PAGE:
It might be a waste of time answering the questions below. I will give it a shot though.
First; the current Pros are crap. Basically you have I/O that would have been great 3 or 4 years ago but is now an impediment to fast operation. Second; no one cares about Final Cut. Third; if you don't know why paying a premium price for a 3 year old GPU card is a problem you need to get a life and a bit of an education.
The problem is it is a workstation costing thousands of dollars as such people expect modern hardware for that cash out lay. Think about it a bit why in hell would you spend multiple thousands of dollars for a machine that doesn't support modern I/O? We can focus on USB 3 or any other part of the system if you like but really why would you lay out cash for hardware that has been dated for three years now? Especially a machine that is an investment and has to last.
AS to Pros loosing money it should be pretty obvious, if the competition does the same work in one quarter of the time you will suffer as a Mac Pro user. It is simple business where time is money. Your mi 2010 line up is technically very dated. In many cases that line up will be out paced by todays laptops and certainly by run of the mill desktop machines.
Really I don't know what you are harping about. There is no defense for the current Mac Pro that I can think of. Why you would choose to emend this move by Apple is beyond me. Consider that this machine doesn't even meet the desires of the most conservative of members on these forums. Last week few would have believed that Apple would have seriously tried to deliver such a machine.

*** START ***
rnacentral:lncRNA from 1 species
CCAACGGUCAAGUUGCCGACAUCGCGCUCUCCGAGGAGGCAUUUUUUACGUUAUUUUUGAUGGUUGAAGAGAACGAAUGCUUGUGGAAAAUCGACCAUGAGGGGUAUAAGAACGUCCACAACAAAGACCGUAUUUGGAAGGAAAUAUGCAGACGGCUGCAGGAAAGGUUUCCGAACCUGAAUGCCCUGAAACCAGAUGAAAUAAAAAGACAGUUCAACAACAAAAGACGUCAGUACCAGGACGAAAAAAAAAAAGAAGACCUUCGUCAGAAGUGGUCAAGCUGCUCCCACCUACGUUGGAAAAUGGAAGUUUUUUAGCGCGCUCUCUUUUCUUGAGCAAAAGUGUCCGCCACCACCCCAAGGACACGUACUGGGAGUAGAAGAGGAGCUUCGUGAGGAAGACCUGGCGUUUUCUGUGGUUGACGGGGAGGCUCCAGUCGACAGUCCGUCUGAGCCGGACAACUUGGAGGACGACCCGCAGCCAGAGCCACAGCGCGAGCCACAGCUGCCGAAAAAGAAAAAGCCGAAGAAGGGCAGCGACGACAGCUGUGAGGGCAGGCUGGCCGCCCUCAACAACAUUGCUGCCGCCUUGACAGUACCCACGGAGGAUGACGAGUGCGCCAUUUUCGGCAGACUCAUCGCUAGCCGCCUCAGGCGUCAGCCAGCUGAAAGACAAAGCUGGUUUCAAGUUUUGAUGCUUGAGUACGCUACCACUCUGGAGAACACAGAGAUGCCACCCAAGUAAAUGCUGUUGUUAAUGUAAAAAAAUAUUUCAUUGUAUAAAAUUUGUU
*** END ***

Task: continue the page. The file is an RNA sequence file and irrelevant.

I'd like to know what exactly the problem is with the *current* Mac Pros? Do they not run Final Cut fast enough? They might not have the absolute newest video card, but what are you doing with it that you'll need that? I don't get all the hand-wringing and gnashing of teeth. It's a workstation costing several thousand dollars, with the top-end system requiring a bank-loan for some (unless their company picks it up or writes it off, etc.) So it isn't meant to be updated very regularly. These things are built to last and built to handle heavy loads.
I'd like to know how Apple's current Mac Pro upgrade cycle is having such a detrimental effect on Pros that they're *losing money* because the machines can't do the work necessary to fulfill contractual obligations to clients.
I'm betting that the above is hardly the case.
Here was the mid-2010 lineup. Let's not even talk about the most recent spec bump.
|Mid-2010 Mac Pro Lineup|
|CPU||1 x Xeon W3530 (2.8GHz - 4C/8T)||2 x Xeon E5620 (2.4GHz - 4C/8T)||2 x Xeon X5650 (2.66GHz - 6C/12T)|
|Memory||3 x 1GB DDR3-1066||6GB DDR3-1066||6GB DDR3-1333|
|Graphics||Radeon HD 5770 1GB||ATI Radeon HD 5770 1GB||ATI Radeon HD 5770 1GB|
|Hard Drive||1TB||1TB 7200RPM SATA||1TB 7200RPM SATA|
|Optical||18x DL SuperDrive||18x DL SuperDrive||18x DL SuperDrive|
And there's opportunity for expandability there. Unmatched build quality. By the looks of it, lots of power. And it runs OS X.